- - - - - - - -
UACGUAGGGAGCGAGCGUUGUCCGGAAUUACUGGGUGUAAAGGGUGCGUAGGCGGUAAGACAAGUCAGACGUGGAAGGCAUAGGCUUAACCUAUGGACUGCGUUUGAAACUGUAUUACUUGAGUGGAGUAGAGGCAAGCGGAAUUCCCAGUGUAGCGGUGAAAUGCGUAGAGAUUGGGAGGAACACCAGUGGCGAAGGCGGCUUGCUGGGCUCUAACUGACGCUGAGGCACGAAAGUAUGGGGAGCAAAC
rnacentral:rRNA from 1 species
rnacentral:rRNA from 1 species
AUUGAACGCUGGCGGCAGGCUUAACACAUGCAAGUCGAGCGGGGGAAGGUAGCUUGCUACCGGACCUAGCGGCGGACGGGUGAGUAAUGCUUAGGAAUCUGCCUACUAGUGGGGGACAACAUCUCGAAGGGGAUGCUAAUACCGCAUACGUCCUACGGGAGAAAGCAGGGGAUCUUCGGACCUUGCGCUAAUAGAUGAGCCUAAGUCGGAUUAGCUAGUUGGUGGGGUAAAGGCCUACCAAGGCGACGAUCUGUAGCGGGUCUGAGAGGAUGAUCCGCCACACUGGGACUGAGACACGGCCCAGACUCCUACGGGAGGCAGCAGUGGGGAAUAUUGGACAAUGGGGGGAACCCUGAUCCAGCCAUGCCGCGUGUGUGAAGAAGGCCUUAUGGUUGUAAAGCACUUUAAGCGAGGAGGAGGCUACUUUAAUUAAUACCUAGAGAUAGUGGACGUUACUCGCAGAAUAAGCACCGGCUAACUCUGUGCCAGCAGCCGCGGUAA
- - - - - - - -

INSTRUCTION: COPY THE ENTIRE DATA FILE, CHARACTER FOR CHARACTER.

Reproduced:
UACGUAGGGAGCGAGCGUUGUCCGGAAUUACUGGGUGUAAAGGGUGCGUAGGCGGUAAGACAAGUCAGACGUGGAAGGCAUAGGCUUAACCUAUGGACUGCGUUUGAAACUGUAUUACUUGAGUGGAGUAGAGGCAAGCGGAAUUCCCAGUGUAGCGGUGAAAUGCGUAGAGAUUGGGAGGAACACCAGUGGCGAAGGCGGCUUGCUGGGCUCUAACUGACGCUGAGGCACGAAAGUAUGGGGAGCAAAC
rnacentral:rRNA from 1 species
rnacentral:rRNA from 1 species
AUUGAACGCUGGCGGCAGGCUUAACACAUGCAAGUCGAGCGGGGGAAGGUAGCUUGCUACCGGACCUAGCGGCGGACGGGUGAGUAAUGCUUAGGAAUCUGCCUACUAGUGGGGGACAACAUCUCGAAGGGGAUGCUAAUACCGCAUACGUCCUACGGGAGAAAGCAGGGGAUCUUCGGACCUUGCGCUAAUAGAUGAGCCUAAGUCGGAUUAGCUAGUUGGUGGGGUAAAGGCCUACCAAGGCGACGAUCUGUAGCGGGUCUGAGAGGAUGAUCCGCCACACUGGGACUGAGACACGGCCCAGACUCCUACGGGAGGCAGCAGUGGGGAAUAUUGGACAAUGGGGGGAACCCUGAUCCAGCCAUGCCGCGUGUGUGAAGAAGGCCUUAUGGUUGUAAAGCACUUUAAGCGAGGAGGAGGCUACUUUAAUUAAUACCUAGAGAUAGUGGACGUUACUCGCAGAAUAAGCACCGGCUAACUCUGUGCCAGCAGCCGCGGUAA